So did we deprive our children by only having one cockatiel, three parakeets, one hamster, and a 16-gallon tank of fish? Or perhaps my parents truly overindulged my siblings and me. Either way, this spring finally seemed the right time to welcome a dog into our midst.

My son lobbied for a dog for about three months when he was young. I seriously researched dog ownership and decided instead on a cockatiel, who turned out to be a wonderful, smart, and loving addition to our family. Fast forward 10 years later, and I had to break the news to my son that my husband and I had decided to become dog owners, and that we had already chosen the puppy and a name. Preparing for an explosion of pent-up emotion regarding his childhood’s being deprived of a dog, I broke the news to him while sitting in the RER in Paris as we rode to Versailles. He was surprisingly calm and accepting. So at long last, he has a dog. We all do; and everyone is thrilled, and she is settling in quite nicely. Somewhat like the carpenter ants that the exterminator discovered in my house siding a few weeks back. I finally have my ant farm after all.

Twenty Reasons Ginger Is Good for Us or the Zen of Owning a Puppy

Zen GingerRecently, someone found my blog by searching for “why is ginger good for you.” No kidding. This search string made my day for two reasons. First, someone actually Googled a topic that resulted in my blog showing up. Yay! (I Googled this phrase myself, and my blog’s post was at the top of the fourth page.) Second, Ginger IS good for you or us, I should say. Below is a list of reasons why Ginger has been good for our family (nutritional benefits of ginger root aside, of course.)

1. Ginger makes us smile and laugh every day. Laughter has proven health benefits.

2. In bending down to scoop her up, pet her, or put her leash on, I do at least 50 leg squats per day. My quads and hamstrings thank her.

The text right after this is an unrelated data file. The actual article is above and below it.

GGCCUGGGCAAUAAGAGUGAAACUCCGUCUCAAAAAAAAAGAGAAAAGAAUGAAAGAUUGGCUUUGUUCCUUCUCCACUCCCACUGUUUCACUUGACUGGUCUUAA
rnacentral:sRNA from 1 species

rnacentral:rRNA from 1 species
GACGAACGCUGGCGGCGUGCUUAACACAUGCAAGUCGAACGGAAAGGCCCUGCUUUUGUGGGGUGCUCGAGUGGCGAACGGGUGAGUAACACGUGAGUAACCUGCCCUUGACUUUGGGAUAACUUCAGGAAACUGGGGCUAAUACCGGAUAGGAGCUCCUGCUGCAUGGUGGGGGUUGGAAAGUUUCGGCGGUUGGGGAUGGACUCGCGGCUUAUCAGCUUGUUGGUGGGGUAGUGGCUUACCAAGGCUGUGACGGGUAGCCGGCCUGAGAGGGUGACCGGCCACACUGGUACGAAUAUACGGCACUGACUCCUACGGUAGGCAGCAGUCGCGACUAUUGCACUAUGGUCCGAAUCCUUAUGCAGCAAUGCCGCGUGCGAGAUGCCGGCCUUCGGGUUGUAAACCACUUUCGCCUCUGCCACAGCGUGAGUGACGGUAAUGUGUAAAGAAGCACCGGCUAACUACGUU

3. Add five more legs squats to the above for poop patrol.

4. It’s hard to take myself too seriously when I have a bag of poop swinging from my hand.

5. We are increasing our pulmonary capacities when we run around the yard with her.

6. More of our friends want to come over to visit so that they can see her, I mean us.

7. She might help my son get a job. My son has hypothesized that he will be offered the super competitive internship he applied for if he brings Ginger along to the interview. Her charm will so distract the interviewers that they will offer him the internship on the spot. That strategy could work . . .

8. We hope to make new friends because all kinds of people come up to us to comment on how cute she is.

9. There are few more soothing activities after a stressful day than cuddling a sleeping puppy.

10. The other day, my niece unexpectedly wanted to participate in FaceTime when I was on the phone with my sister, so she could see the puppy, I mean me.

11. I have more to talk about with other dog owners. Trading tips on house training is a great conversation starter. (Suddenly, I am transported back in time to my children’s toddler years and talk of Pull-Ups®.)

12. My children are offering to help with the chores more, if the chores involve Ginger, that is.

13. I need to sweep the kitchen floor less frequently since Ginger is so good at helping me keep it clean.

14. Ginger is helping us to bond as a family. Because Ginger is at a stage where she always needs to be watched, we are forced to spend more time together at home.

15. We love Ginger, and she loves us.

16. Ginger is thrilled to see me, no matter how I look, feel, or am behaving. She wants to be with me that much. Amazing.